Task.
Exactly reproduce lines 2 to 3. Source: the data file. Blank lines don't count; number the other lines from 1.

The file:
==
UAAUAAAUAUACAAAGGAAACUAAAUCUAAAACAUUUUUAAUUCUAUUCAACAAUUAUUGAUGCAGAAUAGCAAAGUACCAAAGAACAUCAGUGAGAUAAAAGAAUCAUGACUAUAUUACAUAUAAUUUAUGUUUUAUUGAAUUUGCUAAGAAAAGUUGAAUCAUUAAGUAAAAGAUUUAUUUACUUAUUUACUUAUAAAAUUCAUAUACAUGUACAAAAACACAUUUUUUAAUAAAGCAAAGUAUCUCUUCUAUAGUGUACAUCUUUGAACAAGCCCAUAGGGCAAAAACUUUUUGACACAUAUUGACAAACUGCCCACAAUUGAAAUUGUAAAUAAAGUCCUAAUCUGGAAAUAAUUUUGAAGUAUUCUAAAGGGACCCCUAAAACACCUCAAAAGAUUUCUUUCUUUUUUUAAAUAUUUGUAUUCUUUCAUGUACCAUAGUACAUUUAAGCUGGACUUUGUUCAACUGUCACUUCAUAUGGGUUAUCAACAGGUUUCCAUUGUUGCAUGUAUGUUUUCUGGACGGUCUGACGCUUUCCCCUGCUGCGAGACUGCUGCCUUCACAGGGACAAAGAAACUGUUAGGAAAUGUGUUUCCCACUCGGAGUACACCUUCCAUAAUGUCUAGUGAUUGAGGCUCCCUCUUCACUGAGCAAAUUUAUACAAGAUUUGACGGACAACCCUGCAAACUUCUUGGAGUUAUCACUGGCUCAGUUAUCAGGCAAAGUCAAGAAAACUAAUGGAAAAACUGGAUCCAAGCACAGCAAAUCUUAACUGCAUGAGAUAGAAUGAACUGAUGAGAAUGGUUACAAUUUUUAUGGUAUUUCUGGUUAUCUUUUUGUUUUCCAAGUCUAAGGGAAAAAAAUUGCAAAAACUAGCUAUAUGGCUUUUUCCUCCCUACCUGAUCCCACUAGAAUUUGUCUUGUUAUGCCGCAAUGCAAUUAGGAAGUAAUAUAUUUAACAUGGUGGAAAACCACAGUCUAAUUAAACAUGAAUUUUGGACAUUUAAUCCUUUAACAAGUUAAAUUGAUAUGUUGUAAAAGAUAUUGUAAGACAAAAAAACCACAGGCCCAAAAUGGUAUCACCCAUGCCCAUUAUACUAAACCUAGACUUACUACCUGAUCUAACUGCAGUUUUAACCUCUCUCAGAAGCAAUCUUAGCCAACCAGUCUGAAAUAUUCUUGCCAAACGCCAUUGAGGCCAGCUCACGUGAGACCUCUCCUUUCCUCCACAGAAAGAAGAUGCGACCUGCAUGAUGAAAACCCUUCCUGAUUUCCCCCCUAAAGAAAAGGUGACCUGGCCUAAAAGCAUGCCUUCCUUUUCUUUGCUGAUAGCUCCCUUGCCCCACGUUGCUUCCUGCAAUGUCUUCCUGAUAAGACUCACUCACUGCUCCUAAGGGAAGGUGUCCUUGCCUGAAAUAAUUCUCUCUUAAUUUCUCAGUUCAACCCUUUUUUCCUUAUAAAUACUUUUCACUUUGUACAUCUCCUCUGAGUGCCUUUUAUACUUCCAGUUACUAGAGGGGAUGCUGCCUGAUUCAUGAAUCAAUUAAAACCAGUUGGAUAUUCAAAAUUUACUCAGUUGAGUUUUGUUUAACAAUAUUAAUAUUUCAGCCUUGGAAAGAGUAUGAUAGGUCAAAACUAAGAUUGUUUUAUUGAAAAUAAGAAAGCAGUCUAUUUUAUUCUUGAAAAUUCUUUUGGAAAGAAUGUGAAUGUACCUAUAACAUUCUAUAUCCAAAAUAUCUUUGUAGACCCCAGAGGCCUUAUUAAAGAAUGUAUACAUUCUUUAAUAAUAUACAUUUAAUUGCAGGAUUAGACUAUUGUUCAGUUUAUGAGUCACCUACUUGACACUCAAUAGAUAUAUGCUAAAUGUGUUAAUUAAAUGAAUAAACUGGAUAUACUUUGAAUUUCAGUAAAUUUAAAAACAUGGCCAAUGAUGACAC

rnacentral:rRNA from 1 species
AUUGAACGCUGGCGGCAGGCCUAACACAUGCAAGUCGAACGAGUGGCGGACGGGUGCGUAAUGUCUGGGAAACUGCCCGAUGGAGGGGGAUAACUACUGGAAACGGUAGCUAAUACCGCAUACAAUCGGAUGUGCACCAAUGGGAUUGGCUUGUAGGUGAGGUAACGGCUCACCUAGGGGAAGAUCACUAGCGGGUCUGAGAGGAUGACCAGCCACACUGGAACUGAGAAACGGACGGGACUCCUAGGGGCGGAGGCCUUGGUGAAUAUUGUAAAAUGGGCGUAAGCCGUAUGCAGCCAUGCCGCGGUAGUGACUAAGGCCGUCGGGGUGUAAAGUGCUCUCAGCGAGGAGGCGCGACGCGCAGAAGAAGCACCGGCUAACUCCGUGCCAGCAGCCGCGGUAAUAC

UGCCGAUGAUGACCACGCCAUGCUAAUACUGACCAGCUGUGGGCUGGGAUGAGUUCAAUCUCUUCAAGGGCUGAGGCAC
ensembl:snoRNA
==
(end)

rnacentral:rRNA from 1 species
AUUGAACGCUGGCGGCAGGCCUAACACAUGCAAGUCGAACGAGUGGCGGACGGGUGCGUAAUGUCUGGGAAACUGCCCGAUGGAGGGGGAUAACUACUGGAAACGGUAGCUAAUACCGCAUACAAUCGGAUGUGCACCAAUGGGAUUGGCUUGUAGGUGAGGUAACGGCUCACCUAGGGGAAGAUCACUAGCGGGUCUGAGAGGAUGACCAGCCACACUGGAACUGAGAAACGGACGGGACUCCUAGGGGCGGAGGCCUUGGUGAAUAUUGUAAAAUGGGCGUAAGCCGUAUGCAGCCAUGCCGCGGUAGUGACUAAGGCCGUCGGGGUGUAAAGUGCUCUCAGCGAGGAGGCGCGACGCGCAGAAGAAGCACCGGCUAACUCCGUGCCAGCAGCCGCGGUAAUAC